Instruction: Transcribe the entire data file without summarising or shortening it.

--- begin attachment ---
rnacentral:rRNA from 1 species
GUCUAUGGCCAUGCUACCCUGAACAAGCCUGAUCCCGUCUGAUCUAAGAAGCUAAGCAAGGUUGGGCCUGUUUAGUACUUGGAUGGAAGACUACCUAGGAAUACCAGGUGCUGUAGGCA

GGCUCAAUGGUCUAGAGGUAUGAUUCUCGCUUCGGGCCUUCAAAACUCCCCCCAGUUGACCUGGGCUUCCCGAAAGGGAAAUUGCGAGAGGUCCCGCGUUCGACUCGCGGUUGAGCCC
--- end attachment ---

rnacentral:rRNA from 1 species
GUCUAUGGCCAUGCUACCCUGAACAAGCCUGAUCCCGUCUGAUCUAAGAAGCUAAGCAAGGUUGGGCCUGUUUAGUACUUGGAUGGAAGACUACCUAGGAAUACCAGGUGCUGUAGGCA

GGCUCAAUGGUCUAGAGGUAUGAUUCUCGCUUCGGGCCUUCAAAACUCCCCCCAGUUGACCUGGGCUUCCCGAAAGGGAAAUUGCGAGAGGUCCCGCGUUCGACUCGCGGUUGAGCCC